One of the promoters of the distasteful movie against the Islamic group is Terrence Kuanum, a Christian from Benue who authored a book with a similar title, “Fatal Arrogance”, in defence of the Nigerian Army against the Shi’ite. The book is apparently the inspiration behind this film.
I was also once a victim of the same Terrence Kuanum, who parades himself as General Buratai’s publicist. He had falsely accused me of being a patron of terrorist groups, in his distorted and apparently suborned response to my “Memo to President Buhari on the Service Chiefs”, which was widely published in the Nigerian print media.
In his deliberate attempt to incite the military and victims of terrorism against me, on the basis of untrue accusations, Terrence compromised the websites of highly credible, as well as notoriously incredible, media platforms, by planting his offensive article there, mostly without the knowledge of the publishers and editors of some of these platforms. Subsequently, about 15 of these media organisations had to delete the highly libellous content from their websites, while offering profound apologies for the infiltration of their systems that allowed that to happen.
In his over 3,000-word defamatory piece, revelling in insidiously deceitful claims, Mr. Terrence labelled me a Boko Haram supporter, an ISWAP propagandist and that I was on the payroll of terrorists.
Given how defamatory and harmful the allegations in the very lengthy article were, I officially reported this to security agencies, including the Nigeria Police, the State Security Service (SSS) and the National Intelligence Agency (NIA). Till date, none of the agencies has taken any action to interrogate the writer on the very grievous allegations that sought to impugn my professional integrity and cast me as a threat to national security. The security services seem to be afraid to invite the author of “Fatal Arrogance” for questioning because of his godfathers in the Nigerian Army.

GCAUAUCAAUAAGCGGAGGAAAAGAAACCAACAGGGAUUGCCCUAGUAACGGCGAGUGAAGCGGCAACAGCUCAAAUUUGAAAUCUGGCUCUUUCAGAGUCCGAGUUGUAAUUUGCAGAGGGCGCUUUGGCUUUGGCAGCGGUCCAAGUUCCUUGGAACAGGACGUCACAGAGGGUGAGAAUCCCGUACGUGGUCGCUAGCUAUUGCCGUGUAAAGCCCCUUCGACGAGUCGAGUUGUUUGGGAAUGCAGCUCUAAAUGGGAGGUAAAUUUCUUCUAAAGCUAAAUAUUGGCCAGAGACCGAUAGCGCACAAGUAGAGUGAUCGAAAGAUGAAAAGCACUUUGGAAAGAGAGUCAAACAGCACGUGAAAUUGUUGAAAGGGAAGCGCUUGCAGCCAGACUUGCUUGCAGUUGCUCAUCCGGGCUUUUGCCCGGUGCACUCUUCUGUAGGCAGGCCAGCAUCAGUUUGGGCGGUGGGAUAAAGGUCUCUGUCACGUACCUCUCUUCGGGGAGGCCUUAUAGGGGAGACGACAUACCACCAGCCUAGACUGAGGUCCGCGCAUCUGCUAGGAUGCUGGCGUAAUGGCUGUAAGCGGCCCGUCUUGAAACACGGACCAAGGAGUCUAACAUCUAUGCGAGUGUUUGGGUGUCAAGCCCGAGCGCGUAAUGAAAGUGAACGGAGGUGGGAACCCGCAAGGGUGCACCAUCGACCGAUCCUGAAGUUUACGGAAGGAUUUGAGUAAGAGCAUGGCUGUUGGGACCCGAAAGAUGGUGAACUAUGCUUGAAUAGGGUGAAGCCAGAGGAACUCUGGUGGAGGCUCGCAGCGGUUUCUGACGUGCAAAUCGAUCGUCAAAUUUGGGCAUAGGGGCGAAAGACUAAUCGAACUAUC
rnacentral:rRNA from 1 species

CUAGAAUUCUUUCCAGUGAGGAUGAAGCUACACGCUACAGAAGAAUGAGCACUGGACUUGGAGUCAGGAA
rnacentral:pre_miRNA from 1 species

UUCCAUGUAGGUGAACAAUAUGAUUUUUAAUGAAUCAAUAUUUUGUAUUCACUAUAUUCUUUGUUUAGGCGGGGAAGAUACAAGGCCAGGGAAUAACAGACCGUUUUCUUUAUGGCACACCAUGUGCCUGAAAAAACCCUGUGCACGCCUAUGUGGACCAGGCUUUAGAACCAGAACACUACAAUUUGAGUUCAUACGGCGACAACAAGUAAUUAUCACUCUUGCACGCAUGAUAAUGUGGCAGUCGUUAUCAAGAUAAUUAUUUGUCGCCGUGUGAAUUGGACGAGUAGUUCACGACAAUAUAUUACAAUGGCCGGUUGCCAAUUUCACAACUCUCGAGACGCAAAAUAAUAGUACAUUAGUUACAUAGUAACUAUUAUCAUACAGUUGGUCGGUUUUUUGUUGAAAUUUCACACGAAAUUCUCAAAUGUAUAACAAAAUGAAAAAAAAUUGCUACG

Apart from moving about freely, Terrence Kuanum has exhibited the ‘fatal arrogance’ of being untouchable, not only by launching his book in Abuja, but also shooting the movie based on the book in Enugu, to the bewilderment of a sane society.
Terrence Kuanum’s odious activities revolve around his membership of an obscure ‘Global Amnesty International Network’, Television Nigeria (TVN) and other shadowy groups that support the leadership of the Nigerian Army.
The painful irony of this publicity attempt gone awry is the fact that the Nigerian military has an enviable reputation of professionalism, gallantry, resilience, and straightforwardness that does not require propaganda to push for a positive social narrative.
It is only the leadership of an institution that appears to have something ugly it needs to cover up that engages charlatans in an effort at dark propaganda, rather than more astute and professional public relations organisations. It goes without much contemplation to know that this very poorly thought-through and ‘Fatal Arrogance’ will backfire very badly on the image and reputation of an institution that should otherwise be encouraged for its potentials, and the work it is doing to keep Nigeria safe.
Yushau A. Shuaib is an author, public relations practitioner and public affairs commentator on national and international issues.